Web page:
Not only is 29-inch pitch becoming the new normal in economy cabins, seat makers are now claiming
they can make a 27-inch pitch feel as “comfortable” as a 29-inch one.
See where this is going?
And, running circles around the rest was a “standing” saddle-like seat called SkyRider at a cozy 23-inch pitch, the distance from the back of one seat to the back of the one in front of it.
This marks the second time we’ve seen this seat. Our first peek was eight years ago. Many media outlets took notice of the new invention by Aviointeriors.
Like Riding A Horse
Dominique Menoud, the spokesperson for Aviointeriors said, “Cowboys ride eight hours a day on their horses and still feel comfortable in the saddle.”
So, SkyRider is being promoted as resembling a horse saddle. But according to aviation insiders it’s more like leaning on a shelf or riding a stationary bike.
No airlines have signed up as of yet. But the company has said there is interest from carriers in the U.S. and around the world.
Sampling an early prototype of the Skyrider seat at the Aircraft Interiors Expo, 2010 (pic: Alamy)
Years ago, Ryanair has said it hoped to win regulatory approval to put rows of stand-up seats, with the cheapest fares, in the rear of its planes. Michael O’Leary, Ryanair’s chief executive, said on British television the airline was thinking of taking out some existing seats to install “the equivalent of 10 rows of standing area.”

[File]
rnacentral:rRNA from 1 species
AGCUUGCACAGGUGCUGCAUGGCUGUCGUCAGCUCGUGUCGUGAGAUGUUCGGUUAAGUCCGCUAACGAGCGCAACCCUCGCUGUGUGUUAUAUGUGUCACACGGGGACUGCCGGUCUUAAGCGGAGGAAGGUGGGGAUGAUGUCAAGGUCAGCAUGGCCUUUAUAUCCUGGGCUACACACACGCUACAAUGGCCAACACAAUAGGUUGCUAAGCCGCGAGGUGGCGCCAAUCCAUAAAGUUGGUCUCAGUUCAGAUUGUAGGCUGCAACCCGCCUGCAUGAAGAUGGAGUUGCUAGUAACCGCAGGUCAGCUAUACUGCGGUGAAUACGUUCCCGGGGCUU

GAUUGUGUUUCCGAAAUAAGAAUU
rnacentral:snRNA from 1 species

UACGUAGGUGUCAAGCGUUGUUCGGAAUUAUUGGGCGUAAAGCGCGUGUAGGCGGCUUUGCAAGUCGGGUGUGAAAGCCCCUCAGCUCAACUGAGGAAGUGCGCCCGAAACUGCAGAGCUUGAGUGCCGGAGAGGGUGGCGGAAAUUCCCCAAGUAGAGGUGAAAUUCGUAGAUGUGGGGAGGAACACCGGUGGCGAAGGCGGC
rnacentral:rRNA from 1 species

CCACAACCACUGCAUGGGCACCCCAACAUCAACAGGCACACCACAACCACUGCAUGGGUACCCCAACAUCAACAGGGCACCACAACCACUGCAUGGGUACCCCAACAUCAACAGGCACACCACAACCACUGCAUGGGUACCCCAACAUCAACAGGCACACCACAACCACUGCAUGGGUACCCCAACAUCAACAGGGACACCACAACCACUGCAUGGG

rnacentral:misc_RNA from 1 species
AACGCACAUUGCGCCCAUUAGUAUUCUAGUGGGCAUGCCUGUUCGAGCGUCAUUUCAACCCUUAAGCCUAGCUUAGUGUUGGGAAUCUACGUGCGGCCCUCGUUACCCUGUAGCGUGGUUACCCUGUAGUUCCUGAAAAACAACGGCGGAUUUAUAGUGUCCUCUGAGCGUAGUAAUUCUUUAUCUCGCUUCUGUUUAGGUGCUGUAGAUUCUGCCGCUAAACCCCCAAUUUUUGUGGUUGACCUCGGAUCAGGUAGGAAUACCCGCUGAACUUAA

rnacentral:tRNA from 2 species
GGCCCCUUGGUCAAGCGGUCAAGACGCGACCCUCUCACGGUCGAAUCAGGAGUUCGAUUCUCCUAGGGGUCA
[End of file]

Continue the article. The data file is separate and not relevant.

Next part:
Aviointeriors says the SkyRider has undergone extensive testing and will be able to meet all regulatory safety standards. The seat is being promoted as an option for airlines that might want to more profitably use space in any given airplane while opening up room in front for more lucrative premium-class seats.
A Boeing 737, for example, could be configured with 16 business-class seats, 66 standard coach seats and 98 SkyRiders, Aviointeriors says.
While Aviointeriors has told the media shorter flights are the main market, the company thinks the stand-up seats can find passenger acceptance even on flights as long as four hours if the fare is low enough.
It’s hard to believe no one at the Federal Aviation Administration (FAA), National Transportation Safety Board (NTSB) or European Aviation Safety Agency (EASA) is willing to “stand up” and say stop to these seat vendors and airlines.
What would happen in an emergency evacuation from these “seats”? With tighter seat pitches, more passengers, and a real-world passenger mix of the young, the old, the tall, the plus-sized, the muscle-bound and the disabled, along with emotional support animals, it’s not a good picture.
This is why airlines run emergency tests with computer simulations instead of real people. They know they cannot meet the 90-second evacuation rules with these tight seat pitches.
Every day there is a game of cat and mouse being played out by airlines and their passengers. But it’s time to stop blaming passengers for seeking out the lowest prices, while making excuses for inhumane airline management.